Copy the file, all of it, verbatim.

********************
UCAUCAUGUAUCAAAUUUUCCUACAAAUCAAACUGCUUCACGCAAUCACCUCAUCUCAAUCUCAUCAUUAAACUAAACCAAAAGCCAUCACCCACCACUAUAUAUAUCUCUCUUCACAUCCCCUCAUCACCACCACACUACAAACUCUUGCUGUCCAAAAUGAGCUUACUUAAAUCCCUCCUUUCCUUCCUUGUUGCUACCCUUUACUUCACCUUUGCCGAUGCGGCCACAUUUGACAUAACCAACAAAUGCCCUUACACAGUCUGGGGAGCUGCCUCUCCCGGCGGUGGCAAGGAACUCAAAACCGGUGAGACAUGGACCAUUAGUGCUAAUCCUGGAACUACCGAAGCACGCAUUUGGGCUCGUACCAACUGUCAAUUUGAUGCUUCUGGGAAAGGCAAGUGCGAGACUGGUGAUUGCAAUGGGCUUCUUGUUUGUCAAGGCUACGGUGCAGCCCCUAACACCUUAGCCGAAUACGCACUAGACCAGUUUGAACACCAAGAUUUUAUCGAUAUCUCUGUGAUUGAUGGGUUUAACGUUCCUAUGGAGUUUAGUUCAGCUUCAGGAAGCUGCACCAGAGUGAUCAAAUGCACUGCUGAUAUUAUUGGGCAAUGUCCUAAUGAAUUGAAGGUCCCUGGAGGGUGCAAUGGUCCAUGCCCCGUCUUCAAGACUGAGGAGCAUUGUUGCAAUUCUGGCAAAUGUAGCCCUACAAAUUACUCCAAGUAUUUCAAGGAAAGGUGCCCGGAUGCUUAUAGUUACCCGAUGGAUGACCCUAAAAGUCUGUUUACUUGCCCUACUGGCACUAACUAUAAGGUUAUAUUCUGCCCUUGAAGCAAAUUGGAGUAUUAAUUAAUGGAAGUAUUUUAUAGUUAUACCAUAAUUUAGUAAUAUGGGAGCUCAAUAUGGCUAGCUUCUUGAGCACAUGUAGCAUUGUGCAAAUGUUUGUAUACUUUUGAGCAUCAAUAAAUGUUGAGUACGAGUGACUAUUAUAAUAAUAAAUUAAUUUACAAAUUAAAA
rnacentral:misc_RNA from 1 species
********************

UCAUCAUGUAUCAAAUUUUCCUACAAAUCAAACUGCUUCACGCAAUCACCUCAUCUCAAUCUCAUCAUUAAACUAAACCAAAAGCCAUCACCCACCACUAUAUAUAUCUCUCUUCACAUCCCCUCAUCACCACCACACUACAAACUCUUGCUGUCCAAAAUGAGCUUACUUAAAUCCCUCCUUUCCUUCCUUGUUGCUACCCUUUACUUCACCUUUGCCGAUGCGGCCACAUUUGACAUAACCAACAAAUGCCCUUACACAGUCUGGGGAGCUGCCUCUCCCGGCGGUGGCAAGGAACUCAAAACCGGUGAGACAUGGACCAUUAGUGCUAAUCCUGGAACUACCGAAGCACGCAUUUGGGCUCGUACCAACUGUCAAUUUGAUGCUUCUGGGAAAGGCAAGUGCGAGACUGGUGAUUGCAAUGGGCUUCUUGUUUGUCAAGGCUACGGUGCAGCCCCUAACACCUUAGCCGAAUACGCACUAGACCAGUUUGAACACCAAGAUUUUAUCGAUAUCUCUGUGAUUGAUGGGUUUAACGUUCCUAUGGAGUUUAGUUCAGCUUCAGGAAGCUGCACCAGAGUGAUCAAAUGCACUGCUGAUAUUAUUGGGCAAUGUCCUAAUGAAUUGAAGGUCCCUGGAGGGUGCAAUGGUCCAUGCCCCGUCUUCAAGACUGAGGAGCAUUGUUGCAAUUCUGGCAAAUGUAGCCCUACAAAUUACUCCAAGUAUUUCAAGGAAAGGUGCCCGGAUGCUUAUAGUUACCCGAUGGAUGACCCUAAAAGUCUGUUUACUUGCCCUACUGGCACUAACUAUAAGGUUAUAUUCUGCCCUUGAAGCAAAUUGGAGUAUUAAUUAAUGGAAGUAUUUUAUAGUUAUACCAUAAUUUAGUAAUAUGGGAGCUCAAUAUGGCUAGCUUCUUGAGCACAUGUAGCAUUGUGCAAAUGUUUGUAUACUUUUGAGCAUCAAUAAAUGUUGAGUACGAGUGACUAUUAUAAUAAUAAAUUAAUUUACAAAUUAAAA
rnacentral:misc_RNA from 1 species